Loskot and Sharma are two of the strongest climbers in history; it would be absurd to dismiss their complaint as simple excuse-making. Rather, it would seem that the perception of difficulty is simply too complex a phenomenon to reduce to single factors that apply equally to all. This, properly speaking, is the “subjective” problem faced by climbing grades—the perception of difficulty is subjective by virtue of the intractable complexity underlying its objectivity.

The perception of climbing difficulty may thus be attributed to the intrinsically ‘stochastic’ nature of climbing itself. A stochastic system is one whose state or process is non-deterministic and driven—in part or in whole—by deep complexity and/or elements of chance, all of which conspire against simple outcome prediction.

The Monte Carlo method is a statistical-computational strategy used to predict outcomes in inherently stochastic systems, and I should like to propose it as a conceptual model to understand climbing grades. Indeed, mine is not so much a proposal as a description of what is actually happening on web-databases like 8a.nu, where users log their own ascents and offer their own ‘personal grades’ regarding them.

A prominent application of Monte Carlo is in modern weather forecasting. In the past, such forecasts began from a set of initial measurements and assumptions, and then attempted to compute a single future course of events presumed to follow deterministically from them. The problem with this approach is that measurements can never be perfectly accurate, and in complex systems even slight initial differences can produce vastly different results. The Monte Carlo method works by embracing these differences: instead of computing one weather predicition from a single set of initial conditions, it computes dozens, each with slightly different starting data, which are then aggregated and statistically compared. If 18 out of 60 simulations predict rain, that itself becomes the forecast: ’30-percent chance of rain tomorrow’. (Click here for a documentary clip describing this application.) Regardless of whether chance truly exists or is merely a product of human ignorance when faced with complex deterministic systems, the Monte Carlo method is useful insofar as it accepts chance-qua-variation as an irreducible element of predicting outcomes—and thus offers its predictions not as absolutes (i.e. ‘it will rain tomorrow’ or ‘it will not rain tomorrow’) but as probabilities.

This, I would suggest, is ultimately what a climbing grade is. When a climber makes a first ascent and proposes a grade, he or she is essentially offering a prediction concerning the perception of difficulty likely to be experienced by the second ascentionist. As Hukkataival notes:  “grades are only estimates, personal opinions of the difficulty of a climb.” These “personal opinions” are analogous to a computed weather forecast, while the aforementioned factors underlying perception of difficulty are analogous to variations in initial conditions. What the Monte Carlo approach shows is that, when these personal opinions are aggregated together, one arrives at less absolute but much better predictions.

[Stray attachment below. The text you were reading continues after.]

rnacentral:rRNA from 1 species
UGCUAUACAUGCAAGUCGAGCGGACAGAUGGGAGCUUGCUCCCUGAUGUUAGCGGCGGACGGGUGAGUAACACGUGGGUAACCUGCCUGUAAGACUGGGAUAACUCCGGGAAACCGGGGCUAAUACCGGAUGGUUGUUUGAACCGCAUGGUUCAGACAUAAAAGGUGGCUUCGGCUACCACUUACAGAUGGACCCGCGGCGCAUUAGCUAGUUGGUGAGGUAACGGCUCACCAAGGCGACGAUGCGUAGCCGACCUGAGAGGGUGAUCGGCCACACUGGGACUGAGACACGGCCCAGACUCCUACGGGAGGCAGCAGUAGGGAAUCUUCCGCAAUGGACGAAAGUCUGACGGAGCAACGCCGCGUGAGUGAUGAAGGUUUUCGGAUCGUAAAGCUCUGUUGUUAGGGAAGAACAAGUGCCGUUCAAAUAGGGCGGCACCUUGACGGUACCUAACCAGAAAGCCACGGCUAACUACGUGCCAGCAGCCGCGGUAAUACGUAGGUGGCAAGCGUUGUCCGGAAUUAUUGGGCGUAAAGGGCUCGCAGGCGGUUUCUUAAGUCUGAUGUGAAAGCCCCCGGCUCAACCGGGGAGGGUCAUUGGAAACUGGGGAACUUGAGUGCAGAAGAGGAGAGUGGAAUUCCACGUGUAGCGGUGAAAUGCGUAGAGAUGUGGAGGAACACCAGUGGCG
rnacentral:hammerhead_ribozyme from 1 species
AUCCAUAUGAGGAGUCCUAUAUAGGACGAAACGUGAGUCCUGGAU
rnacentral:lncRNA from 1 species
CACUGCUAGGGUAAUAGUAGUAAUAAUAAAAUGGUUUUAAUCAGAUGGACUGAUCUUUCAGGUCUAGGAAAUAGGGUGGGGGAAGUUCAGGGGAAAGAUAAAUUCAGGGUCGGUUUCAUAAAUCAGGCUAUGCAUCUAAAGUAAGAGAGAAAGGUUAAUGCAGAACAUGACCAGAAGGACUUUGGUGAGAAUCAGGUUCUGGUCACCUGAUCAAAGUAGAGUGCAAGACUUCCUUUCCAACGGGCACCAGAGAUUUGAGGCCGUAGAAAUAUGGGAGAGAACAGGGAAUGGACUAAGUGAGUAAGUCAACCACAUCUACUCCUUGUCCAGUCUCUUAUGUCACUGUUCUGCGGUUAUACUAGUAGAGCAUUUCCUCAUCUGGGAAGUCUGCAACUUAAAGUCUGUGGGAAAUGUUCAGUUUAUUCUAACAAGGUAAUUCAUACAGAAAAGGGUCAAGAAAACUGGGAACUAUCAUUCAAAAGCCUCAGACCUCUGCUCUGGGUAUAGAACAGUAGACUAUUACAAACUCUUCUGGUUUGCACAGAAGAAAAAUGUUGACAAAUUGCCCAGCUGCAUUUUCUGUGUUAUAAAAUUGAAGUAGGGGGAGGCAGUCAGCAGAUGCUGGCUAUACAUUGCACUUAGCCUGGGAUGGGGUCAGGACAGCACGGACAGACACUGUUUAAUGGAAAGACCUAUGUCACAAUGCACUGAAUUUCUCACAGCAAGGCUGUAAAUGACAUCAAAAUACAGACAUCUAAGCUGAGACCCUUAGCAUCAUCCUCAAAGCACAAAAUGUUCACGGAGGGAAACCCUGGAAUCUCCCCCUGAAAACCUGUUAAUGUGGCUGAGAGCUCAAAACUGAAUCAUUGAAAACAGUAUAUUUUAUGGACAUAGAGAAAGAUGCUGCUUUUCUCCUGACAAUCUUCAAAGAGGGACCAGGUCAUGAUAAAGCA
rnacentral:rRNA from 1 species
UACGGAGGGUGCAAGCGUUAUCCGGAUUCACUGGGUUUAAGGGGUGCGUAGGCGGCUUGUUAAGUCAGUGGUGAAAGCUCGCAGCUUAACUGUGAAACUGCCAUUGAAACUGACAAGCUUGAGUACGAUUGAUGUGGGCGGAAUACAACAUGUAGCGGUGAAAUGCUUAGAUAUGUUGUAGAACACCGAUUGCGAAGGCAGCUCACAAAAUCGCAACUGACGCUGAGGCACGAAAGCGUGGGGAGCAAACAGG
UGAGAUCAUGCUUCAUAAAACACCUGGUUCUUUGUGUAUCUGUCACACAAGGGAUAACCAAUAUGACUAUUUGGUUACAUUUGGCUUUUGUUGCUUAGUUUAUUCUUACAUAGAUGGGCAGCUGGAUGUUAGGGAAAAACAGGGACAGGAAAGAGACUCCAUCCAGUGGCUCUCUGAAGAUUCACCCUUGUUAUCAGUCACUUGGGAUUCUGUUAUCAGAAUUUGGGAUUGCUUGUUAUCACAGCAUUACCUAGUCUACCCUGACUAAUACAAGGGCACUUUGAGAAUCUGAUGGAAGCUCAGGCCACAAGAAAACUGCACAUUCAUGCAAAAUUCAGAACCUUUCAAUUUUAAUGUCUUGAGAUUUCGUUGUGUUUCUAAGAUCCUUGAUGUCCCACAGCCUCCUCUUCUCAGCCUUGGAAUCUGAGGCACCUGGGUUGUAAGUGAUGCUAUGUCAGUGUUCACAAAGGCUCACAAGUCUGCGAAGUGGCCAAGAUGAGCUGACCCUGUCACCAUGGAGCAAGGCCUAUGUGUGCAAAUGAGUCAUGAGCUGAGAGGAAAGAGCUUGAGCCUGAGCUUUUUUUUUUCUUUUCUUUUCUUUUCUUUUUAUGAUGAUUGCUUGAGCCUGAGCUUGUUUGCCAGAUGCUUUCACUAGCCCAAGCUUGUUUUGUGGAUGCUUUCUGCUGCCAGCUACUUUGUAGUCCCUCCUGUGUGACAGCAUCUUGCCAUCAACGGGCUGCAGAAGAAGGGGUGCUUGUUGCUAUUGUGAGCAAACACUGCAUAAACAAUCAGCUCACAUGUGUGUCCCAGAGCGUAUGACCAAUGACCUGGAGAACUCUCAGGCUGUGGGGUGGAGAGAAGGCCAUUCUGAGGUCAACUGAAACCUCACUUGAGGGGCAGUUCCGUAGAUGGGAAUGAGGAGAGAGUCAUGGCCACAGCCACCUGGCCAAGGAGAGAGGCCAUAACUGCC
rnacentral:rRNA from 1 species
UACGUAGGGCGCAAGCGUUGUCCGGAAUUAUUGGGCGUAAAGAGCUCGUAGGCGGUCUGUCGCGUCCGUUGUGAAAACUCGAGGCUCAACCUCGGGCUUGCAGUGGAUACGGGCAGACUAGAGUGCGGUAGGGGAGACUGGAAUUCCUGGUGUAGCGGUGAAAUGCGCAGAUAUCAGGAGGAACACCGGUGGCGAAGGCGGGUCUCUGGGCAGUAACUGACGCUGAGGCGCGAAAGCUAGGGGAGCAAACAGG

Thus, as much as one might respect Graham’s intentions and integrity (and one should do both), I would suggest that the notion of a “standard” is a relict of the old ‘one-size-fits-all’ grading method—that of a single non-probabilistic weather forecast based on a single set of initial conditions. Action Directe is considered the standard of 9a. Why a short overhang on monos originally given ‘XI’ should be the standard by which to judge the difficulty of a 50 meter endurance 9a like Era Vella, or a 9a slab like The Meltdown is most unclear. If it is because Action Directe was the world’s first 9a, one might as well declare Akira to be the standard of 9b!

Indeed, one notable feature of the ‘downgrading wars’ of the past eight years is that they have been restricted largely to bouldering and have not affected sport-climbing to nearly the same degree, There are several possible explanations for this, although the Monte Carlo approach suggests one in particular. Given differences in initial conditions, the divergence of weather forecasts increases the farther into the future they project. However, in climbing grades the opposite seems to be case. The short intense nature of bouldering entails that problems often boil down to a single decisive move, which exacerbates the effect of differences in initial conditions between climbers (e.g. armspan). Longer sport routes typically lack any one decisive move, and thus present a larger movement  ‘sample size’ which smooths out the initial differences such that the range of probability is decreased.

The point is, if grades are understood as probability-ranges rather than discrete pegs, the acrimony of grading controversy would be considerably dampened. The ironic fact underlying Monte Carlo is: by accepting factors of chance as well as skill in climbing grades, by acknowledging them to be a range of probability rather than a definitive standard, they become more rather than less accurate.